How to Safely Operate Backup Generators in Hurricanes

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It’s been a rough year for people living on the Atlantic and Gulf coasts. The 2017 hurricane season has been one of the most active on record. Those in badly affected areas have turned to backup generators for temporary power.

Outages are common during hurricanes. Without the use of portable power, the recovery process would be much more difficult and drawn out.

Homeowners depend on generators to power appliances, lights and other electronics that provide basic needs during and after a hurricane. However, there are potential risks if a generator is not used properly.

Taking a few simple safety precautions will ensure the safety of you and your family. Here are some things to keep in mind when operating backup generators.

Location Matters For Your Backup Generators

Generators emit engine exhaust containing carbon monoxide gas. Inhaling carbon monoxide can cause headaches, blackouts and even death. In fact, a number of carbon monoxide deaths and injuries occurred during Hurricane Irma as a result of generator use.

It’s imperative you don’t run your device in a completely enclosed area. They should also be placed at least 15 feet from open windows. You should even avoid operating them on porches, as the fumes can linger in the air.

Avoiding Electrical Or Fire Hazards

Before operating, you’ll need to disconnect your normal source of power to avoid sending power back into the utility lines. This could be potentially hazardous to utility workers.

Backup generators should never be used in wet conditions. Make sure you place the equipment in a dry area and never operate it with wet hands.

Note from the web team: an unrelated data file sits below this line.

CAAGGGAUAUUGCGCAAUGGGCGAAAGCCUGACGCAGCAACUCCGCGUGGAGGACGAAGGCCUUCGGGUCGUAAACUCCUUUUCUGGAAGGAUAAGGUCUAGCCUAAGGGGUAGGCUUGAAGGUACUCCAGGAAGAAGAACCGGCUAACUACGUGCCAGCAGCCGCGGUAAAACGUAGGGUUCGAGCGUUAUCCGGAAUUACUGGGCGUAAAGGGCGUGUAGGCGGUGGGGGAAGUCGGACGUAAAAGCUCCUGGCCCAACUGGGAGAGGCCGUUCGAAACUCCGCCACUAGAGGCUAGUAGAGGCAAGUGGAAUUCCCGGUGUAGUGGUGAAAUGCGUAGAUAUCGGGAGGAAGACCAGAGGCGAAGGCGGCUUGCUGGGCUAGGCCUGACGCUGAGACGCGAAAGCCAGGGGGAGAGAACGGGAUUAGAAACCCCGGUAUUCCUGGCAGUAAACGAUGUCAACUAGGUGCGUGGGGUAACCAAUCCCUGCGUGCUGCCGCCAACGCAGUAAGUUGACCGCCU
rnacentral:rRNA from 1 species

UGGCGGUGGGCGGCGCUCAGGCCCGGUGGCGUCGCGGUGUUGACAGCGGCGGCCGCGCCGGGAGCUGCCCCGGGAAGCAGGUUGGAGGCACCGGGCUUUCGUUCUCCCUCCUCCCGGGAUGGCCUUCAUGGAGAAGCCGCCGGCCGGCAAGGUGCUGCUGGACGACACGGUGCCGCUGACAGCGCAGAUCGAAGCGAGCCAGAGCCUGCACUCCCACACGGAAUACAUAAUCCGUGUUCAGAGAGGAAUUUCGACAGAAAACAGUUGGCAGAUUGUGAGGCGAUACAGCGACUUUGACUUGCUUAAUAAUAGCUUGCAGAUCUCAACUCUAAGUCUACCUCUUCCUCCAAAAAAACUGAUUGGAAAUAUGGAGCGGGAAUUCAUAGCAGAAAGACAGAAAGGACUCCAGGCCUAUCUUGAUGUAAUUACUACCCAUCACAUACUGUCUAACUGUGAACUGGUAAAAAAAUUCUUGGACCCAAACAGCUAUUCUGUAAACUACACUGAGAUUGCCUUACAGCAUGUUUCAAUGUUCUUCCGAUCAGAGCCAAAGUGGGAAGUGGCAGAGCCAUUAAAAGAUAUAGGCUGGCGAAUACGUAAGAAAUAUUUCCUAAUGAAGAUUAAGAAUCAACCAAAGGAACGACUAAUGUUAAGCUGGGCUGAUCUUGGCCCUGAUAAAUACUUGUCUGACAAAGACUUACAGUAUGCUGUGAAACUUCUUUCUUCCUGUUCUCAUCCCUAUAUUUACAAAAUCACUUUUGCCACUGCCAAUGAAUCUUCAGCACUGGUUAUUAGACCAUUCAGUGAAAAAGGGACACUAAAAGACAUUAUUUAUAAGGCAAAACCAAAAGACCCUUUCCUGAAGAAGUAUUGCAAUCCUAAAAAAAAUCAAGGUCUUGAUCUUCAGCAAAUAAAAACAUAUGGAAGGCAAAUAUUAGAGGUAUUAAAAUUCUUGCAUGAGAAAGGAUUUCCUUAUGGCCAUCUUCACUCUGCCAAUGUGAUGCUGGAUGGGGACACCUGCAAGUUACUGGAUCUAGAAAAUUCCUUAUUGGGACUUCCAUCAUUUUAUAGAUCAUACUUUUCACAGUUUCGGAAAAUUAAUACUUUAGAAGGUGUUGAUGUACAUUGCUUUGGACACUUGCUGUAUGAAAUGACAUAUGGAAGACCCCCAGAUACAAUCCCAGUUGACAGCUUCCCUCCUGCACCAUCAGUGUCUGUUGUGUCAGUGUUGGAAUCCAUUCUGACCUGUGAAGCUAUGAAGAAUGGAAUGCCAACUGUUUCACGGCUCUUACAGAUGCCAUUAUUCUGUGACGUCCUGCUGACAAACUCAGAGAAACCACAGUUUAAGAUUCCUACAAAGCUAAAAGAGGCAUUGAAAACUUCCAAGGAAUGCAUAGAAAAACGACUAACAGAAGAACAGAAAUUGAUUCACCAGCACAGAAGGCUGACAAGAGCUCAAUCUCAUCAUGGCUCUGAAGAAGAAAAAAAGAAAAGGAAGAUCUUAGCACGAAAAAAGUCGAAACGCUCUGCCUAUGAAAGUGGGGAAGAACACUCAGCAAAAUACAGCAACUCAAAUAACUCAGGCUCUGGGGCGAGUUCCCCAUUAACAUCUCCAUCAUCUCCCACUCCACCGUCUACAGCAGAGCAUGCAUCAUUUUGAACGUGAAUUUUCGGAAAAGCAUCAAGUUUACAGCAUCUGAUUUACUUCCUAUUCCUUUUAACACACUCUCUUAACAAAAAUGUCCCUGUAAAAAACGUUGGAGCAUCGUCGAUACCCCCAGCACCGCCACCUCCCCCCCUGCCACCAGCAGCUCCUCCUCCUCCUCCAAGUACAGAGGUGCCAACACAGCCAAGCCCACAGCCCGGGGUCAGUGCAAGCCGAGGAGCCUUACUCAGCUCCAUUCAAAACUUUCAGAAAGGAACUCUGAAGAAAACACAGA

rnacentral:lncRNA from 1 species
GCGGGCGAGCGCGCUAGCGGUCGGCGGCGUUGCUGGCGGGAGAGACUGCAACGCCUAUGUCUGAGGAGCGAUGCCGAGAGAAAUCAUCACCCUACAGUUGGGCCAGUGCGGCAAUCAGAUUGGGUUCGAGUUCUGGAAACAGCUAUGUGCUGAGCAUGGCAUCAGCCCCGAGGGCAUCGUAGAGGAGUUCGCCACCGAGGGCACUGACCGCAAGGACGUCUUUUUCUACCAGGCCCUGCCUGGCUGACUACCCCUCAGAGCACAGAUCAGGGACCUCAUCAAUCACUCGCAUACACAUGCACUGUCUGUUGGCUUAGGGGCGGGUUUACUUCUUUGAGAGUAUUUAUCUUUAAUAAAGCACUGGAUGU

This can present a problem when using a generator in a huge storm like a hurricane. In rainy conditions, make sure you run your generator under a stable canopy so it doesn’t get wet.

Never attempt to power your home’s wiring by plugging the generator into a wall socket. Doing this causes a serious risk of electrocution to anyone served by the same circuit.

Remember to store fuel for your device outside your home and away from any fuel-burning appliances to avoid potential fires. Always turn off your generator and let it cool down before adding more fuel.

Using An Extension Cord

Sometimes you can’t plug every appliance directly into the generator and will need to use an extension cord. When doing so, there are a few things to keep in mind.

Always use a heavy-duty cord designed for outdoor use. The wattage rating for your cord should exceed the total wattage for all appliances connected to it.

It’s also important to check for any tears or cuts in the cord and that all prongs are intact. Make sure the cord is long enough and doesn’t get crushed or pinched while in use.

Using Backup Generators Responsibly

Portable generators have helped tremendously during this treacherous hurricane season. Following these precautions along with the instruction manual for your device will ensure you and your family remain safe.

Rental Power Solutions provides temporary and backup power generator rentals in the Miami area. Contact us today to discuss your options.